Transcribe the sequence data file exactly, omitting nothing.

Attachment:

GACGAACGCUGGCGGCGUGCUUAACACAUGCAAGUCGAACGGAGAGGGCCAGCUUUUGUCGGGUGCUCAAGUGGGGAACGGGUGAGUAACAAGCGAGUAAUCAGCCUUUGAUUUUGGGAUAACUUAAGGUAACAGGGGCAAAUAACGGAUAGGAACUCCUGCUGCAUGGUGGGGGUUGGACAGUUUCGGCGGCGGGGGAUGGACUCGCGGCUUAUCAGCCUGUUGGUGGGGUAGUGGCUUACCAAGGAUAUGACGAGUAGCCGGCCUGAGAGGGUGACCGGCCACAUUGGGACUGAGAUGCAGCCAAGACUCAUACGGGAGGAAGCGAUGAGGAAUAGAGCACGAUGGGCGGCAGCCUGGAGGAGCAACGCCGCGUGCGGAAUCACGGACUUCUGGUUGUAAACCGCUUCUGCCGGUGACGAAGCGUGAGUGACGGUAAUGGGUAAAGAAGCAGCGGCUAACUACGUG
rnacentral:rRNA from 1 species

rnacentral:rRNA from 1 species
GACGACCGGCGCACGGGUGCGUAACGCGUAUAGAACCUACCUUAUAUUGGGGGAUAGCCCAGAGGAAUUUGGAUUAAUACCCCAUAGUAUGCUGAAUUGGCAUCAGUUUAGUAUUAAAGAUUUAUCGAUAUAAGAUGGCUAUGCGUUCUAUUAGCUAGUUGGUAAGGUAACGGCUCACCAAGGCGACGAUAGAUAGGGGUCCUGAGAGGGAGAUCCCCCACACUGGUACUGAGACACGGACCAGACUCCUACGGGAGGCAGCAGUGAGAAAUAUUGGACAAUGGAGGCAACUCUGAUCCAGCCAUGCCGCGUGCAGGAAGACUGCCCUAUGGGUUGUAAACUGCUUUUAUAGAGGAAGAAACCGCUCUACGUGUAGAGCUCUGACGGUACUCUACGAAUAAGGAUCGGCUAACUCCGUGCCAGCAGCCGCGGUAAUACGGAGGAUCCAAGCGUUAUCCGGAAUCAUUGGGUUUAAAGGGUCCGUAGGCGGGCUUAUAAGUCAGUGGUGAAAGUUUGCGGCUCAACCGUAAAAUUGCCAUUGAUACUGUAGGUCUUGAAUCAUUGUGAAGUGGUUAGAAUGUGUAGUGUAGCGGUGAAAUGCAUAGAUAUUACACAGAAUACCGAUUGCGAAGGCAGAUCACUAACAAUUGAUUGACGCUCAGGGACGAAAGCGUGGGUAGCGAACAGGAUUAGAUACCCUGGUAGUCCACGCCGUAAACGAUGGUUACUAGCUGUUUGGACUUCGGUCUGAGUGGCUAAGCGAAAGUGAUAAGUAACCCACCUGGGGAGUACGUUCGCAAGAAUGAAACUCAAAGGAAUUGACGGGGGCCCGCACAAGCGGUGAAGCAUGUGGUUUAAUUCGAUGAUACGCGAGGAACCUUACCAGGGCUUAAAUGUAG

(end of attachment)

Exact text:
GACGAACGCUGGCGGCGUGCUUAACACAUGCAAGUCGAACGGAGAGGGCCAGCUUUUGUCGGGUGCUCAAGUGGGGAACGGGUGAGUAACAAGCGAGUAAUCAGCCUUUGAUUUUGGGAUAACUUAAGGUAACAGGGGCAAAUAACGGAUAGGAACUCCUGCUGCAUGGUGGGGGUUGGACAGUUUCGGCGGCGGGGGAUGGACUCGCGGCUUAUCAGCCUGUUGGUGGGGUAGUGGCUUACCAAGGAUAUGACGAGUAGCCGGCCUGAGAGGGUGACCGGCCACAUUGGGACUGAGAUGCAGCCAAGACUCAUACGGGAGGAAGCGAUGAGGAAUAGAGCACGAUGGGCGGCAGCCUGGAGGAGCAACGCCGCGUGCGGAAUCACGGACUUCUGGUUGUAAACCGCUUCUGCCGGUGACGAAGCGUGAGUGACGGUAAUGGGUAAAGAAGCAGCGGCUAACUACGUG
rnacentral:rRNA from 1 species

rnacentral:rRNA from 1 species
GACGACCGGCGCACGGGUGCGUAACGCGUAUAGAACCUACCUUAUAUUGGGGGAUAGCCCAGAGGAAUUUGGAUUAAUACCCCAUAGUAUGCUGAAUUGGCAUCAGUUUAGUAUUAAAGAUUUAUCGAUAUAAGAUGGCUAUGCGUUCUAUUAGCUAGUUGGUAAGGUAACGGCUCACCAAGGCGACGAUAGAUAGGGGUCCUGAGAGGGAGAUCCCCCACACUGGUACUGAGACACGGACCAGACUCCUACGGGAGGCAGCAGUGAGAAAUAUUGGACAAUGGAGGCAACUCUGAUCCAGCCAUGCCGCGUGCAGGAAGACUGCCCUAUGGGUUGUAAACUGCUUUUAUAGAGGAAGAAACCGCUCUACGUGUAGAGCUCUGACGGUACUCUACGAAUAAGGAUCGGCUAACUCCGUGCCAGCAGCCGCGGUAAUACGGAGGAUCCAAGCGUUAUCCGGAAUCAUUGGGUUUAAAGGGUCCGUAGGCGGGCUUAUAAGUCAGUGGUGAAAGUUUGCGGCUCAACCGUAAAAUUGCCAUUGAUACUGUAGGUCUUGAAUCAUUGUGAAGUGGUUAGAAUGUGUAGUGUAGCGGUGAAAUGCAUAGAUAUUACACAGAAUACCGAUUGCGAAGGCAGAUCACUAACAAUUGAUUGACGCUCAGGGACGAAAGCGUGGGUAGCGAACAGGAUUAGAUACCCUGGUAGUCCACGCCGUAAACGAUGGUUACUAGCUGUUUGGACUUCGGUCUGAGUGGCUAAGCGAAAGUGAUAAGUAACCCACCUGGGGAGUACGUUCGCAAGAAUGAAACUCAAAGGAAUUGACGGGGGCCCGCACAAGCGGUGAAGCAUGUGGUUUAAUUCGAUGAUACGCGAGGAACCUUACCAGGGCUUAAAUGUAG